Efficient preparation of high-complexity ChIP-Seq profiles from early Xenopus embryos


Chromatin immunoprecipitation followed by next-generation sequencing (ChIP-seq) has become a powerful tool to acquire a precise and genome-wide snapshot of many chromatin features in vivo. These chromatin profiles are obtained by immunoprecipitation of cross-linked chromatin fragments to enrich the feature of interest. Sequencing and aligning the underlying DNA sequences to the genome make it possible to virtually reconstruct the global distribution of most chromatin features. We present here recent improvements to the ChIP-seq protocol by means of Xenopus embryos to prepare high-complexity DNA libraries from small amounts of biological material. This approach allows researchers to explore the landscape of chromatin regulators and states in early vertebrate embryos or in any biological entity with small numbers of cells.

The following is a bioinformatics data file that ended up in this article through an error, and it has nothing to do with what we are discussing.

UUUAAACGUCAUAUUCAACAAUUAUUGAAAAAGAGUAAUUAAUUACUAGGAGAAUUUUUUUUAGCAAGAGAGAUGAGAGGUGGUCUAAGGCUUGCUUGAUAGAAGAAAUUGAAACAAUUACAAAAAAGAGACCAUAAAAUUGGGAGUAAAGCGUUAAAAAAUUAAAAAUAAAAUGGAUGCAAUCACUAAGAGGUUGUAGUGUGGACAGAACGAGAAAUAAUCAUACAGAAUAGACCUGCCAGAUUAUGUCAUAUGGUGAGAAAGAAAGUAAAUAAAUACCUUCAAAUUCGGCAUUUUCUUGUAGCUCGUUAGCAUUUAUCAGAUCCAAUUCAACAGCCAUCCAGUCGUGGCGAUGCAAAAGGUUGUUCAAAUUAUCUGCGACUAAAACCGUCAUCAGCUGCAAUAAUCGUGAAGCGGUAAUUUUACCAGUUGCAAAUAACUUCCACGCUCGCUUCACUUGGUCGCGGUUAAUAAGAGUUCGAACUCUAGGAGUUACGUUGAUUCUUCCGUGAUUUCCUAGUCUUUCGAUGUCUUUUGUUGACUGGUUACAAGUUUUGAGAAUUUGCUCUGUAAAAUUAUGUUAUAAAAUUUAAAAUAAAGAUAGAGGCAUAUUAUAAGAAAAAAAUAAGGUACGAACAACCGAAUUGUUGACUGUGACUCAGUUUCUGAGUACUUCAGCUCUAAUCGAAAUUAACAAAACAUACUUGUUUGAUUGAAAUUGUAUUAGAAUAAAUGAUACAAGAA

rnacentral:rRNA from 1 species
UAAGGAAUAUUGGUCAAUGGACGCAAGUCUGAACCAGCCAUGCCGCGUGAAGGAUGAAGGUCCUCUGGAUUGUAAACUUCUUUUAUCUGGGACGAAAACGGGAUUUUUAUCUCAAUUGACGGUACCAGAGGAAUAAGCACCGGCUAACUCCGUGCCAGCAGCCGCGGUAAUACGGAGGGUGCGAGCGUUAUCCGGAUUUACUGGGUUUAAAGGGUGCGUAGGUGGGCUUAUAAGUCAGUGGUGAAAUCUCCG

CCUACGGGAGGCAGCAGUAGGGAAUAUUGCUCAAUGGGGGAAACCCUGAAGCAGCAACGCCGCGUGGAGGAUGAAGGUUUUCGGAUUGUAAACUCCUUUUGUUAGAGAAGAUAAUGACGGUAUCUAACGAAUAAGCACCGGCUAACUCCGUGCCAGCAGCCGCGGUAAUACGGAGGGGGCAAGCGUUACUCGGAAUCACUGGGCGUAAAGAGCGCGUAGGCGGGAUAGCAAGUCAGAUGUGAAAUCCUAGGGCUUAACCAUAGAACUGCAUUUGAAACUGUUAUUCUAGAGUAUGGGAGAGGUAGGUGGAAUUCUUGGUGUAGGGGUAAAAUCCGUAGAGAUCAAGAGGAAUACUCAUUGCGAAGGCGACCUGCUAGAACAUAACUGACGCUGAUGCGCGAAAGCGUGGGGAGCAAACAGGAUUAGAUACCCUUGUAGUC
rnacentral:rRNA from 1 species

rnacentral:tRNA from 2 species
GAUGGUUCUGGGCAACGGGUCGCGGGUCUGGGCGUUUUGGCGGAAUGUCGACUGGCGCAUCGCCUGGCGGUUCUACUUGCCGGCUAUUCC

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Volume 1507
Pages 23-42
Available online
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Crick First author
Crick Corresponding author